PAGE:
In the aftermath, a loss of trust
TEXT OF COMMENTARY
Scott Jagow: Let's hear some thoughts from commentator Robert Reich on this mounting bailout bill.
Robert Reich: We haven't seen this much government intervention in the economy since Lyndon Johnson's Great Society. But this time it's Wall Street rather than the poor who's getting all the help.
Free markets, by definition, aren't supposed to need government support. Companies whose shares plummet are supposed to be ripe targets for takeover without government subsidies and guarantees. Firms that need capital are supposed to be able to raise it without emergency loans from the government.
So why are the free marketeers in the Bush Administration rushing to Wall Street's aid? The answer goes deeper than the subprime mess. The Street has suffered a serious decline in trust.
Yet trust is its most important asset. Financial markets trade in promises -- that assets have a certain value, that numbers on a balance sheet are accurate, that a loan carries a limited risk. If investors stop trusting those promises, Wall Street can't function.
But in the last few years, many Wall Street promises have not been worth the paper they're written on.
That's because, when the securities market was roaring, many financial players had no idea what they were buying or selling, and worse, they didn't care. Derivatives on derivatives; so-called special investment vehicles to move assets off balance sheets; credit default swaps; and of course securities backed by risky home loans. There seemed no limit to the financial smoke and mirrors.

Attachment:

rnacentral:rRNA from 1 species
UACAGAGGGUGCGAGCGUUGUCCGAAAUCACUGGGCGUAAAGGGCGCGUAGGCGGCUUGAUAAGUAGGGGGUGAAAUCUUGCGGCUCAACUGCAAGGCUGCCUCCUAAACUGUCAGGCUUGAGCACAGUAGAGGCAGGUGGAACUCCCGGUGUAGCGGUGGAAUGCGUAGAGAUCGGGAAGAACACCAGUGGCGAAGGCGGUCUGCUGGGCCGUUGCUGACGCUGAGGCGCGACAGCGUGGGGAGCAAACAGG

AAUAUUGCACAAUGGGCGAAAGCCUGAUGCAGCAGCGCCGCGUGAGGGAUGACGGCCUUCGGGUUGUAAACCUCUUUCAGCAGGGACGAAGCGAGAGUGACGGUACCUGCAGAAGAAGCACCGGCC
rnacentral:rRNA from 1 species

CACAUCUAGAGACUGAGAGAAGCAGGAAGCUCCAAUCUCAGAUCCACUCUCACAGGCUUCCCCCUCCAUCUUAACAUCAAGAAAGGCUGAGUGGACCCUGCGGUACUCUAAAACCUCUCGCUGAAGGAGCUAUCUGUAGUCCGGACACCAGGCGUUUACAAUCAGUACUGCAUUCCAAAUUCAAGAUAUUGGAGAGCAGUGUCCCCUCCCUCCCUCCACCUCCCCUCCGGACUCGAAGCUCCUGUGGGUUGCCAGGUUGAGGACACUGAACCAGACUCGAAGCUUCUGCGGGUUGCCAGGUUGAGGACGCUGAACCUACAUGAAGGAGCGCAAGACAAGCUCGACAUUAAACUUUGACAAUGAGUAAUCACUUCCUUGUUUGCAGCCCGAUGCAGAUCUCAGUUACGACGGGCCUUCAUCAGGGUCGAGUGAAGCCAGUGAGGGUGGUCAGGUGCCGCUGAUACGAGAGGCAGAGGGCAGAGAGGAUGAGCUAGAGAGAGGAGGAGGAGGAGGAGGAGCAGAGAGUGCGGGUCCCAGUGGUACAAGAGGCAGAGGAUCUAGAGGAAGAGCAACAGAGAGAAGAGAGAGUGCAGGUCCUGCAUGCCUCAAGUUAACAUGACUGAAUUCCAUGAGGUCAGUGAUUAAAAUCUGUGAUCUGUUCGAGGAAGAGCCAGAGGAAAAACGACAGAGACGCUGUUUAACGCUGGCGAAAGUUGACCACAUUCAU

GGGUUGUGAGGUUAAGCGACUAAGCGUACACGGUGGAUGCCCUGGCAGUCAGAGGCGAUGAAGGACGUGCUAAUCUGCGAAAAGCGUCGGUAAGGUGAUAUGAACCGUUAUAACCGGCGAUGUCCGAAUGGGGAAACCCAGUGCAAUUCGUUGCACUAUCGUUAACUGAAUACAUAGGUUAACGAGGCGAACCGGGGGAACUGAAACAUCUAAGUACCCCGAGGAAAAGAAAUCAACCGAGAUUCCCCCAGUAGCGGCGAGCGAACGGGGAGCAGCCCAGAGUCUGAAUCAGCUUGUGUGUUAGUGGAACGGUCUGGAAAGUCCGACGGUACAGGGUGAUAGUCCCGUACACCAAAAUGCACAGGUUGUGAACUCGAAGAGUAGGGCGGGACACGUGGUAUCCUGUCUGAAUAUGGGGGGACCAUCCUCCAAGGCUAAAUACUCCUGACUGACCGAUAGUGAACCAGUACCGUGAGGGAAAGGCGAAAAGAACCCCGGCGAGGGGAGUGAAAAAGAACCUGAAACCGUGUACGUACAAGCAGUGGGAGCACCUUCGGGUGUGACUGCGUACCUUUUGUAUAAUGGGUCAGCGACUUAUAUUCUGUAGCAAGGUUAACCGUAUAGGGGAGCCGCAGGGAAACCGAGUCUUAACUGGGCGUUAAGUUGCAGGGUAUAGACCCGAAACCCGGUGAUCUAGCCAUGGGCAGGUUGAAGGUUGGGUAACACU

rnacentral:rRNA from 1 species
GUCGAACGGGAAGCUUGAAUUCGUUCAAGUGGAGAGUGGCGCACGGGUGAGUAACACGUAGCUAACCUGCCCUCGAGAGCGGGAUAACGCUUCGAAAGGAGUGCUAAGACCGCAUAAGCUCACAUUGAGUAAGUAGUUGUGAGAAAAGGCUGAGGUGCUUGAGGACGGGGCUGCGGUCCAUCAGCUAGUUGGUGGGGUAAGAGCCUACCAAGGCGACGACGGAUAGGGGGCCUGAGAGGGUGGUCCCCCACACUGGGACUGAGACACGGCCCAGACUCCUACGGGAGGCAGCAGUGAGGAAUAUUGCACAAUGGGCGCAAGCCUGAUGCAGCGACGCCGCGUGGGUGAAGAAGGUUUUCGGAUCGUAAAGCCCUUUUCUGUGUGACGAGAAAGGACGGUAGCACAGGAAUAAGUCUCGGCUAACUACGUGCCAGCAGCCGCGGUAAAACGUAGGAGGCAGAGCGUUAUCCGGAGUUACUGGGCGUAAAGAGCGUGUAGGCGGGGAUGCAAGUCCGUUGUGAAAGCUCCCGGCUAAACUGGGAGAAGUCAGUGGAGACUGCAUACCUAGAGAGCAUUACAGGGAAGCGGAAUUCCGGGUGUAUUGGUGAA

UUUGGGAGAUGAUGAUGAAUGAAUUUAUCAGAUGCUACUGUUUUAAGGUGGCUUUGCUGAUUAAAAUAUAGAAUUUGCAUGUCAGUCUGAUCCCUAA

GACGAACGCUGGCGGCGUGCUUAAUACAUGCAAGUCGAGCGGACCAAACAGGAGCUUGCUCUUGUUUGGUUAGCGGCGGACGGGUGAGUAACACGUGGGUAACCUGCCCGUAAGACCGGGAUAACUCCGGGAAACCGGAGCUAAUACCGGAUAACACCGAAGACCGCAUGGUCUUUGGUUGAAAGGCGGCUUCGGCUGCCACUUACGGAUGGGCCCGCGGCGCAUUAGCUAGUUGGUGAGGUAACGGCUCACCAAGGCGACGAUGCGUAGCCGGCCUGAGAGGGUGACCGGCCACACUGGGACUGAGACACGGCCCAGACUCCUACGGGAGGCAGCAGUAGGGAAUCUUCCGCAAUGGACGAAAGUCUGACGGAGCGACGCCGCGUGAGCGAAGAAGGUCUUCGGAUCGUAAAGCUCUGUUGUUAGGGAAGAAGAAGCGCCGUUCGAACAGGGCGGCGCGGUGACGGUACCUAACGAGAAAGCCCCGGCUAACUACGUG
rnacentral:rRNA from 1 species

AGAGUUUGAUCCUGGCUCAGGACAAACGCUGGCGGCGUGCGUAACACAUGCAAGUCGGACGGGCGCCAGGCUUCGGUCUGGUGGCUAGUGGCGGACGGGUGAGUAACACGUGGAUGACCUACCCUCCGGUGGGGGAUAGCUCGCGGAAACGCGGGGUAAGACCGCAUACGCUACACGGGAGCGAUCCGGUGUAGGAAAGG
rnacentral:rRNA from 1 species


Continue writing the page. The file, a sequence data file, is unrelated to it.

That meant almost no limit to what was promised. And regulators looked the other way.
It worked great as long as everyone kept trusting and the market kept roaring. But all it took was a few broken promises for the whole system to break down.
What to do? Not to socialize capitalism, as is now being done. What's lacking isn't capital, it's trust. And the only way to rebuild trust is through regulations that require financial players to stand behind their promises and tell the truth, along with strict oversight to make sure they do.
We tell poor nations they have to make their financial markets transparent before capital will flow to them. Let's practice what we preach. Far better to regulate financial markets to keep them honest than to keep bailing them out.
Jagow: Robert Reich teaches public policy at the University of California, Berkeley.